Blog from CSM President:

In November I had the pleasure of attending a joint conference of the Atlantic Medieval Association and the Atlantic Medieval and Early Modern Group in Sackville, New Brunswick. It started out in an almost-can’t-see-to-drive downpour and ended in a glorious fall day aflame with autumn colours.

The conference is about as small as you can get, and I almost didn’t go this year because – and I’m sure I’m not alone in this – I was swamped with teaching and admin. But small conferences like the AMA are so important. I attended some excellent papers, of course, and actually got the chance to make an astrolabe – Dr.  Samuel Gessner of the University of Lisbon was the keynote speaker, and the “Hands-on History of the Astrolabe” he presented was not a metaphor! (My arts-and-crafts skills are distinctly rusty, I might add.) The real value, though, was in making connections with other medievalists. Increasingly, many of us are the lone medievalists at our universities, and academic societies provide a welcome respite from the isolation and loneliness that can entail.

I was also “pricked” – to use a Middle English word – by a panel responding to the calls to action from Canada’s Truth and Reconciliation Commission. Hitherto I had felt a bit helpless in the face of the calls: yes, we can do more as institutions to support Indigenous students; yes, we can support calls for Indigenous literatures and histories, and work on making them mainstream – but honestly, I thought, as a medievalist, there’s not much I can do in my field. Saying “Indigenous peoples were around in the Middle Ages too and so we should study Indigenous cultures from 1000-1500” seemed a bit facile, to my way of thinking (never mind that it is imposing colonizing Western European periodization on the world, and risks cultural appropriation as well).

But the panel got me thinking about the ways in which Canadian medievalists can seriously and genuinely respond to the TRC in our scholarship as well as our institutions. We talked about incorporating Indigenous knowledge practices both in our classrooms, rethinking the top-down lecture approach, and in our scholarship, applying Indigenous theories and approaches to canonical texts. We talked about ways to avoid falling into the trap of “empty words” and “rote repetition” in our acknowledgements of the Indigenous territories our universities are built upon. We talked about countering the alt-right appropriation of medieval images and medievalism. And after the conference Lauren Beck compiled and circulated a bibliography of Indigenous literary and historical theory and methods.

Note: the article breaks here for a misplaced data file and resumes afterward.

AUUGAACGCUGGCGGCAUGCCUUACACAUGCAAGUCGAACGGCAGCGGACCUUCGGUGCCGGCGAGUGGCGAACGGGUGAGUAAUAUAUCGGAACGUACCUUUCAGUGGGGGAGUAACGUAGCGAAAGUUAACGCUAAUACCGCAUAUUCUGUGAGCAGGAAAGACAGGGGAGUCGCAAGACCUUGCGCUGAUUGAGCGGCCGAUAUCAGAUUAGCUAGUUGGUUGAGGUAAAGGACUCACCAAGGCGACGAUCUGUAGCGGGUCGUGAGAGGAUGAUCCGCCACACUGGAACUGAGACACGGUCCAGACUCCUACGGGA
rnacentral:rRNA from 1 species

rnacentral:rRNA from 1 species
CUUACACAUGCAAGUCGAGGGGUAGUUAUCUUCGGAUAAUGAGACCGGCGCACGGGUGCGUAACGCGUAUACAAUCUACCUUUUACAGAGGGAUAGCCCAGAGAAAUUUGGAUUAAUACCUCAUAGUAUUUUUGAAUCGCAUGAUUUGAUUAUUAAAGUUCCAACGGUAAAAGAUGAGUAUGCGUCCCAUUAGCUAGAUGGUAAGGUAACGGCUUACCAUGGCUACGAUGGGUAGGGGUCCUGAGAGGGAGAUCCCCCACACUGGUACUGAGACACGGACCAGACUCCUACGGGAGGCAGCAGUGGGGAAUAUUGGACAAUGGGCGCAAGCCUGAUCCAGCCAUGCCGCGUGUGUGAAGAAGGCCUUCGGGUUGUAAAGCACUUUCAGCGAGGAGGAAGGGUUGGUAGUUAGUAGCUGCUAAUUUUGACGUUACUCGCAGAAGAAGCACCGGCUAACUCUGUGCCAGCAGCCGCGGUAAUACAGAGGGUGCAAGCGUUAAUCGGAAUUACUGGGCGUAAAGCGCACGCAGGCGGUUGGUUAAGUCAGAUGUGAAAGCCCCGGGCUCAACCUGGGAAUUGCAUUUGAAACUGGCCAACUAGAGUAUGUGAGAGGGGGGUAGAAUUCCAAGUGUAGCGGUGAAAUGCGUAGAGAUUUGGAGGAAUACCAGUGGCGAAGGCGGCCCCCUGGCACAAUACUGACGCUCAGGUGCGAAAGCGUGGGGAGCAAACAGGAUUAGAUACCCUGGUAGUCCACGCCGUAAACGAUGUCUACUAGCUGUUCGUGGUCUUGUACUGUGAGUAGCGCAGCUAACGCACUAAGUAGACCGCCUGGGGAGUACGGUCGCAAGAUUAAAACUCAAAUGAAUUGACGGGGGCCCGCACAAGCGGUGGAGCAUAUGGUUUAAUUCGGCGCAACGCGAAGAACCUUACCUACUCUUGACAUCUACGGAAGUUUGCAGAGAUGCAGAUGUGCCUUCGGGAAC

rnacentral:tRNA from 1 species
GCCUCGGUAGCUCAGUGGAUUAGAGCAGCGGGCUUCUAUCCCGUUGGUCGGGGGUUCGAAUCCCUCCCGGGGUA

In the coming months I will be posting more about these kinds of topics – both ways to counter the alt-right in our classrooms, and ways of thinking about Indigenous theory in our scholarship. I’d also like to know how you are responding to the TRC, not only in your institution but in your scholarship and teaching. And any Indigenous resources you can send me would be great as well.

2009 Margaret Wade Labarge Prize Recipient

15 Jul 2017 2:47 PM | Andrew Klein

2009 ~  Siân Echard Printing the Middle Ages. U of Pennsylvania P, 2008.

In Printing the Middle Ages Siân Echard looks to the postmedieval, postmanuscript lives of medieval texts, seeking to understand the lasting impact on both the popular and the scholarly imaginations of the physical objects that transmitted the Middle Ages to the English-speaking world. Beneath and behind the foundational works of recovery that established the canon of medieval literature, she argues, was a vast terrain of books, scholarly or popular, grubby or beautiful, widely disseminated or privately printed. By turning to these, we are able to chart the differing reception histories of the literary texts of the British Middle Ages. For Echard, any reading of a medieval text, whether past or present, amateur or academic, floats on the surface of a complex sea of expectations and desires made up of the books that mediate those readings.

Each chapter of Printing the Middle Ages focuses on a central textual object and tells its story in order to reveal the history of its reception and transmission. Moving from the first age of print into the early twenty-first century, Echard examines the special fonts created in the Elizabethan period to reproduce Old English, the hand-drawn facsimiles of the nineteenth century, and today's experiments with the digital reproduction of medieval objects; she explores the illustrations in eighteenth-century versions of Guy of Warwick and Bevis of Hampton; she discusses nineteenth-century children's versions of the Canterbury Tales and the aristocratic transmission history of John Gower's Confessio Amantis; and she touches on fine press printings of Dante, Froissart, and Langland.



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